THEY are waking up thousands of miles from home and in conditions that are a far cry from normality.
The green fields and trees surrounding their barracks have been swapped for sprawling, dusty and dry terrain where temperatures can reach a sweltering 40 degrees.
But for the remainder of the year the once war-ravaged Helmand Province in southern Afghanistan will become home to a contingent of Hampshire soldiers, who have deployed to help close down British military operations there for good.
Troops from the 1st Battalion, Princess of Wales’s Royal Regiment – known as The Tigers – have just arrived in Camp Bastion for a sixmonth tour of duty.
There they will play a critical role in Op Herrick 20 – the UK’s final military involvement before the Government’s planned withdrawal of troops by the end of the year.
If all goes to plan the soldiers are hoping to be back home for Christmas with their families.
But, as Afghanistan has long proven, nothing is a certainty and there are no firm dates set.
The Tigers set off on their journey into Camp Bastion little over 24 hours ago and, on arrival, will undergo a period of acclimatisation and in-theatre training before taking over.
Despite the battalion intensively training en mass in Kenya last year – anticipating a large number if not all of the 600-strong Tigers would go to Afghanistan – a significantly lower number of around 50 soldiers have currently ended up deploying as numbers changed to reflect what has been happening on the ground.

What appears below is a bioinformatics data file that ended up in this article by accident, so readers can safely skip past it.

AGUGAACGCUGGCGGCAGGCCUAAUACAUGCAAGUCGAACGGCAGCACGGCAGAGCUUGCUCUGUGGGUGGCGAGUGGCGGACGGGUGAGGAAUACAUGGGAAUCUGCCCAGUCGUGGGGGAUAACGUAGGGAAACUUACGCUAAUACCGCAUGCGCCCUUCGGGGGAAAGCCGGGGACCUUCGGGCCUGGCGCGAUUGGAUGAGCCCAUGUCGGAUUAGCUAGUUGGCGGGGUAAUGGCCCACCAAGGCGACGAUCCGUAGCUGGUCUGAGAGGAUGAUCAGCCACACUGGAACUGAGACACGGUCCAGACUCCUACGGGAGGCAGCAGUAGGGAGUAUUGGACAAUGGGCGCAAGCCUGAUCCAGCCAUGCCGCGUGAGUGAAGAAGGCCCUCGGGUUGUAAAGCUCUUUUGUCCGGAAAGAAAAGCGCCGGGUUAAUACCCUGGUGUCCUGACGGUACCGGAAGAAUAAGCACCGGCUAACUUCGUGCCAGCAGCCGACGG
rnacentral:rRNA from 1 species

Lt Col Andy Flay, commanding officer of The Tigers, is not among them.
Instead he will remain at 1PWRR’s barracks in Paderborn, Germany, overseeing a wealth of requirements and projects being asked of his men.
But he said that while The Tigers’ commitment to the withdrawal from Afghanistan may seem small, it is also a vital role.
He told the Daily Echo: “The Battalion and I are proud to have been involved in the preparations for deployment to Afghanistan and much has been achieved during the Brigade’s training over the past six months.”
In coming months The Tigers serving in Helmand Province will be involved in a variety of tasks, including close protection work as well as reconnaissance and logistical support.
But it will look an altogether different place from what those who have previously served there left behind in 2012.
Camp Bastion – once a bustling military base the size of Reading – was one of more than 130 bases occupied by the British in the south.
It is now one of only two left in the region – the other a lookout that will be handed over to NATO – and already is a shadow of its former self as it is stripped back to be shut down. Regardless, 1PWRR’s efforts will no doubt build on the enormous successes of 1PWRR’s previous tour of Afghanistan twoand- a-half years ago, which saw them heavily involved in training their Afghan counterparts.
But their six-month deployment did not pass without its tragedy.